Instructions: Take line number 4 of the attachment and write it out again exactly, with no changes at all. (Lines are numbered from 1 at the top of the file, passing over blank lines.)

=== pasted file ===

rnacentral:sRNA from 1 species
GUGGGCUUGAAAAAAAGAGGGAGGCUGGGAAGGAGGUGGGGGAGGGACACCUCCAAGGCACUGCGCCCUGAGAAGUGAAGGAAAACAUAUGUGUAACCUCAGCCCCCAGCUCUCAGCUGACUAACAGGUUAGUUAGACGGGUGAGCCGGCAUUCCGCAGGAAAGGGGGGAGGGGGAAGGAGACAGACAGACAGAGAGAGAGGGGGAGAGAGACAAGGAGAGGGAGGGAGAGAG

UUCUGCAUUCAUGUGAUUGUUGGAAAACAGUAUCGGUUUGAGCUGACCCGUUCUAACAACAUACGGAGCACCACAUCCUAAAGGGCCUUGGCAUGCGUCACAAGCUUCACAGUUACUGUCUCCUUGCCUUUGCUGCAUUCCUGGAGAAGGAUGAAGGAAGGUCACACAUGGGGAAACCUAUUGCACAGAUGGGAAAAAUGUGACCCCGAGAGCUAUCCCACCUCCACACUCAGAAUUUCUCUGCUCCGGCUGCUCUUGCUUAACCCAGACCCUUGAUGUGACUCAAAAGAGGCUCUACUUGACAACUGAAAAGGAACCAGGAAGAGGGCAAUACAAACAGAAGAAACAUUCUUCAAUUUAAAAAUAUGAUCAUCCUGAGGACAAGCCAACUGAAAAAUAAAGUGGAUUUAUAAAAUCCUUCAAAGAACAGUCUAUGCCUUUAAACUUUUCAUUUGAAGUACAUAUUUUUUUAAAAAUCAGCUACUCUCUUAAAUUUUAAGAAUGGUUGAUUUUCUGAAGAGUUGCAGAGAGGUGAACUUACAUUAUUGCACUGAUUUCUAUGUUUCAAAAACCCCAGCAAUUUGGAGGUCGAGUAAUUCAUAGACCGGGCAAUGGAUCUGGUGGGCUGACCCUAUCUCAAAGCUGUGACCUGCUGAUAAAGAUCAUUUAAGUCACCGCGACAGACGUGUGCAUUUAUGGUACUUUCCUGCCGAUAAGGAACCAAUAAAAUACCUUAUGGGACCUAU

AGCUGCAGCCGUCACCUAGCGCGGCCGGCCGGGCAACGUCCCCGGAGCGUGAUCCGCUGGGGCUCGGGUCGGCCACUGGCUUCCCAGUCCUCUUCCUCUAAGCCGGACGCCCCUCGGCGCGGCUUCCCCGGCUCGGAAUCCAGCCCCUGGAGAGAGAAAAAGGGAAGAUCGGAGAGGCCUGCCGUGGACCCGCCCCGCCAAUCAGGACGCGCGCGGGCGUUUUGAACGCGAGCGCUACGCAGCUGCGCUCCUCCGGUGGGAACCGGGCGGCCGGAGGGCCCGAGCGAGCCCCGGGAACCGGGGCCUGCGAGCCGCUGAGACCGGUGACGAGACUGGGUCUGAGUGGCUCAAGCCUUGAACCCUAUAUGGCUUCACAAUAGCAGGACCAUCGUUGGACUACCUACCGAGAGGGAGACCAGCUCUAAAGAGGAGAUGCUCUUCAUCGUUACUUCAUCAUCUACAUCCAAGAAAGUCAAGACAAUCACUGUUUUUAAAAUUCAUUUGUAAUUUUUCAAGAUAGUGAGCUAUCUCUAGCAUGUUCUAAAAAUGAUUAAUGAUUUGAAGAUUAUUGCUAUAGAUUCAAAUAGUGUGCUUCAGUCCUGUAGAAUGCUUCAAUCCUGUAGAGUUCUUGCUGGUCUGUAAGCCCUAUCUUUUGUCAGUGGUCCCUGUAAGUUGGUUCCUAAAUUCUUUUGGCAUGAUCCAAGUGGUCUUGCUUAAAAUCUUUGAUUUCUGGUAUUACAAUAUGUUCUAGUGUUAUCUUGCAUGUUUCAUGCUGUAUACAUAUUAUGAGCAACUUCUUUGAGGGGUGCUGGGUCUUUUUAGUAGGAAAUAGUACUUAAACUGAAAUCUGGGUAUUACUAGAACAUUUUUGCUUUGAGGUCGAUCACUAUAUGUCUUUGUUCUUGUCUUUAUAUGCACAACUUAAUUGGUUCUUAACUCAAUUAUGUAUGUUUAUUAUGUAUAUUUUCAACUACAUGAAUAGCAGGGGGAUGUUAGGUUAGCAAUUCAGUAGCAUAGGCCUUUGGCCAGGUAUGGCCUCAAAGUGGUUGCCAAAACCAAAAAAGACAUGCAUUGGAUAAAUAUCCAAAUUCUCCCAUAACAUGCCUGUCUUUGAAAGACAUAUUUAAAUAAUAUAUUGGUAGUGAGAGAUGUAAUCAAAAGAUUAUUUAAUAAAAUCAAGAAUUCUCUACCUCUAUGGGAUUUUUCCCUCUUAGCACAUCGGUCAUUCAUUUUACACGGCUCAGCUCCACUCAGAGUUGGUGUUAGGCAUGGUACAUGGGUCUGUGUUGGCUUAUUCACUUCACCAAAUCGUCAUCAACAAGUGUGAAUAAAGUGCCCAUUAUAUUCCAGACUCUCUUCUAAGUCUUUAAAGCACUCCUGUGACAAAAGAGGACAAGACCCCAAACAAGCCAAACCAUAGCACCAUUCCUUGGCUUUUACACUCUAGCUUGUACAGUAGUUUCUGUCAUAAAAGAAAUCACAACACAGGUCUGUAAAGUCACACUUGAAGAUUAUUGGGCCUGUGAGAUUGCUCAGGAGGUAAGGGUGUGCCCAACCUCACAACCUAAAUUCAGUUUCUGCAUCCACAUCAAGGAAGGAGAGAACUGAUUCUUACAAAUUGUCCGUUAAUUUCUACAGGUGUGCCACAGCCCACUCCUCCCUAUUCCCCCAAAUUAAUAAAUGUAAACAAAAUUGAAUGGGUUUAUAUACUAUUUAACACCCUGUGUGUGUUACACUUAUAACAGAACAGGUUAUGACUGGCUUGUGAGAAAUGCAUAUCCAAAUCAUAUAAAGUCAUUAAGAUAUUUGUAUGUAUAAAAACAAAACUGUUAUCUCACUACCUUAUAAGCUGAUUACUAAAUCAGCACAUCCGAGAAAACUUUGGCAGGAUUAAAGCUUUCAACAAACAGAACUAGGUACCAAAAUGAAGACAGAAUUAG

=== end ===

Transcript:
AGCUGCAGCCGUCACCUAGCGCGGCCGGCCGGGCAACGUCCCCGGAGCGUGAUCCGCUGGGGCUCGGGUCGGCCACUGGCUUCCCAGUCCUCUUCCUCUAAGCCGGACGCCCCUCGGCGCGGCUUCCCCGGCUCGGAAUCCAGCCCCUGGAGAGAGAAAAAGGGAAGAUCGGAGAGGCCUGCCGUGGACCCGCCCCGCCAAUCAGGACGCGCGCGGGCGUUUUGAACGCGAGCGCUACGCAGCUGCGCUCCUCCGGUGGGAACCGGGCGGCCGGAGGGCCCGAGCGAGCCCCGGGAACCGGGGCCUGCGAGCCGCUGAGACCGGUGACGAGACUGGGUCUGAGUGGCUCAAGCCUUGAACCCUAUAUGGCUUCACAAUAGCAGGACCAUCGUUGGACUACCUACCGAGAGGGAGACCAGCUCUAAAGAGGAGAUGCUCUUCAUCGUUACUUCAUCAUCUACAUCCAAGAAAGUCAAGACAAUCACUGUUUUUAAAAUUCAUUUGUAAUUUUUCAAGAUAGUGAGCUAUCUCUAGCAUGUUCUAAAAAUGAUUAAUGAUUUGAAGAUUAUUGCUAUAGAUUCAAAUAGUGUGCUUCAGUCCUGUAGAAUGCUUCAAUCCUGUAGAGUUCUUGCUGGUCUGUAAGCCCUAUCUUUUGUCAGUGGUCCCUGUAAGUUGGUUCCUAAAUUCUUUUGGCAUGAUCCAAGUGGUCUUGCUUAAAAUCUUUGAUUUCUGGUAUUACAAUAUGUUCUAGUGUUAUCUUGCAUGUUUCAUGCUGUAUACAUAUUAUGAGCAACUUCUUUGAGGGGUGCUGGGUCUUUUUAGUAGGAAAUAGUACUUAAACUGAAAUCUGGGUAUUACUAGAACAUUUUUGCUUUGAGGUCGAUCACUAUAUGUCUUUGUUCUUGUCUUUAUAUGCACAACUUAAUUGGUUCUUAACUCAAUUAUGUAUGUUUAUUAUGUAUAUUUUCAACUACAUGAAUAGCAGGGGGAUGUUAGGUUAGCAAUUCAGUAGCAUAGGCCUUUGGCCAGGUAUGGCCUCAAAGUGGUUGCCAAAACCAAAAAAGACAUGCAUUGGAUAAAUAUCCAAAUUCUCCCAUAACAUGCCUGUCUUUGAAAGACAUAUUUAAAUAAUAUAUUGGUAGUGAGAGAUGUAAUCAAAAGAUUAUUUAAUAAAAUCAAGAAUUCUCUACCUCUAUGGGAUUUUUCCCUCUUAGCACAUCGGUCAUUCAUUUUACACGGCUCAGCUCCACUCAGAGUUGGUGUUAGGCAUGGUACAUGGGUCUGUGUUGGCUUAUUCACUUCACCAAAUCGUCAUCAACAAGUGUGAAUAAAGUGCCCAUUAUAUUCCAGACUCUCUUCUAAGUCUUUAAAGCACUCCUGUGACAAAAGAGGACAAGACCCCAAACAAGCCAAACCAUAGCACCAUUCCUUGGCUUUUACACUCUAGCUUGUACAGUAGUUUCUGUCAUAAAAGAAAUCACAACACAGGUCUGUAAAGUCACACUUGAAGAUUAUUGGGCCUGUGAGAUUGCUCAGGAGGUAAGGGUGUGCCCAACCUCACAACCUAAAUUCAGUUUCUGCAUCCACAUCAAGGAAGGAGAGAACUGAUUCUUACAAAUUGUCCGUUAAUUUCUACAGGUGUGCCACAGCCCACUCCUCCCUAUUCCCCCAAAUUAAUAAAUGUAAACAAAAUUGAAUGGGUUUAUAUACUAUUUAACACCCUGUGUGUGUUACACUUAUAACAGAACAGGUUAUGACUGGCUUGUGAGAAAUGCAUAUCCAAAUCAUAUAAAGUCAUUAAGAUAUUUGUAUGUAUAAAAACAAAACUGUUAUCUCACUACCUUAUAAGCUGAUUACUAAAUCAGCACAUCCGAGAAAACUUUGGCAGGAUUAAAGCUUUCAACAAACAGAACUAGGUACCAAAAUGAAGACAGAAUUAG